One of the obligatory stops, when visiting the city of Toledo, is in the Church of Santo Tomé, where one can see one of the works of El Greco, and the pinnacle of universal painting: “The Burial of the Count of Orgaz”.
In 1323 Don Gonzalo Ruiz de Toledo died, “Conde de Orgaz”, who was the most outstanding benefactor of the church of Santo Tomé. The tradition affirms that at the moment of their burial, in gratitude for their generosity, they descended from Heaven before the astonishment of the present San Agustín and San Esteban to gently deposit the body of the Count in his grave, while at the same time a powerful voice exclaim: “Such reward receives who God and his Saints serve”.
Before his death the Count ordered the annual payment by the Villa de Orgaz of eight pairs of hens, two rams, two wine hides, two loads of firewood and eight hundred maravedis to the parish of Santo Tomé. As this disbursement ceased to be made in the sixteenth century, Don Andres Nuñez de Madrid, parish priest in 1586, went to court claiming debts accumulated during such a long period. Obtained a favorable ruling, he took advantage of the benefits to entrust El Greco with a large-scale painting in which the miraculous event occurred two and a half centuries before. Two years later, after some disputes over the retribution to receive, the artist delivered the unparalleled work that elevated him as one of the great geniuses of painting.
The painting is clearly divided into two different environments separated by a symbolic mantle of clouds. In the lower part, the earthly scene of the burial is reflected with great realism, that is to say, the one that those who attended the miracle could perceive. Meanwhile, at the top, the artist wanted to capture in an ideal way, according to the thought of the time, a vision of the heavenly divinity at the moment of receiving the soul of the noble knight.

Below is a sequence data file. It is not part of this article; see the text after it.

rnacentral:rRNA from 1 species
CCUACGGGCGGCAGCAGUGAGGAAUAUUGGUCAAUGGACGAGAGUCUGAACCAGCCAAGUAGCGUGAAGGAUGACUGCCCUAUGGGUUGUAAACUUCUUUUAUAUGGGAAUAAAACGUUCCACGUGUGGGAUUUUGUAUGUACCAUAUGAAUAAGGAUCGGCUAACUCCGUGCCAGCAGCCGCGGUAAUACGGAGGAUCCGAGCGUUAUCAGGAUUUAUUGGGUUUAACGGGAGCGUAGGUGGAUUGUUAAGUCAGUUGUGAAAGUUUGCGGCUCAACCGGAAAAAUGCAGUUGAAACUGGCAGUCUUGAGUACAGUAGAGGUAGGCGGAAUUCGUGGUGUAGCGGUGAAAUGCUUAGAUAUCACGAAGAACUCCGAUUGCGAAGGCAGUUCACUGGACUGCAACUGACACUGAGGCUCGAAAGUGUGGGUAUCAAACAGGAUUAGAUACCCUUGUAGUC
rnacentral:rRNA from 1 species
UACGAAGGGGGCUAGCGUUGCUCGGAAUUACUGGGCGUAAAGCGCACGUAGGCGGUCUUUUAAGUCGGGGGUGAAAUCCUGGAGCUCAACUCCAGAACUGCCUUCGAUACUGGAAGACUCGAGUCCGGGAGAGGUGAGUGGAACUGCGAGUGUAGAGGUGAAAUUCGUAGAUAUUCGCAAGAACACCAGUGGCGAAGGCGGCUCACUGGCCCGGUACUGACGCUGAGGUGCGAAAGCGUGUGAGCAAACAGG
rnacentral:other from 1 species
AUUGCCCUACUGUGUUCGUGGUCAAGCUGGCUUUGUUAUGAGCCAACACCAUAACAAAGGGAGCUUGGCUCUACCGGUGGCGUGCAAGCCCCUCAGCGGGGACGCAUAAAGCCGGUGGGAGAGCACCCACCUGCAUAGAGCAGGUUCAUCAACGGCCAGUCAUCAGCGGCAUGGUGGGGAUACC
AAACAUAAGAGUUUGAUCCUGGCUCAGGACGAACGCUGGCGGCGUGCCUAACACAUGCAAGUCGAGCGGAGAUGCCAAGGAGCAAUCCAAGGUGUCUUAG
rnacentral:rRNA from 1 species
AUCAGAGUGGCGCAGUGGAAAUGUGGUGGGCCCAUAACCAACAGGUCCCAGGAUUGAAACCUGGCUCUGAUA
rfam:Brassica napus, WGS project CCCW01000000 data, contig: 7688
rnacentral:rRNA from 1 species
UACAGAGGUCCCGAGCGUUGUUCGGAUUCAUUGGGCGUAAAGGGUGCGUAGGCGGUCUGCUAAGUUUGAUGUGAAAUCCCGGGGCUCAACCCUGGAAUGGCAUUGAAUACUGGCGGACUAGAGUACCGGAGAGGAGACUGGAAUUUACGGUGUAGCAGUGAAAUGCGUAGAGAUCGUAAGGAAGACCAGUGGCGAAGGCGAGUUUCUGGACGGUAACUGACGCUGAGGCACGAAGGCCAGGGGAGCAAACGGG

In the center of the terrestrial scene stand out the gilded figures of the saints Augustin and Esteban, who carry the body of the deceased in whose face the grayish hue of death is reflected. The small page that appears at his side carrying a torch is none other than the son of the painter, Jorge Manuel Theotocópuli, whom the Cretan wanted to immortalize in such an incomparable work. The gentleman who appears on San Esteban, with a direct look at the spectator, is the self-reprocessed Greco himself, while the priest carrying the book is the parish priest Andrés Nuñez of Madrid. The rest of the reflected faces are supposed to be contemporary characters to the pictorial work, or failing that, noble friends of the deceased who actually attended the funeral.
The heavenly scene is presided by Jesus Christ, to whose right appears Saint Peter carrying the keys of Heaven. Under them the Virgin Mary, who seems to intercede San Juan Bautista for the soul of the deceased. The image is equivalent to the divine vision of the time.
In this painting appears a set of all the artistic influences that El Greco used throughout his life.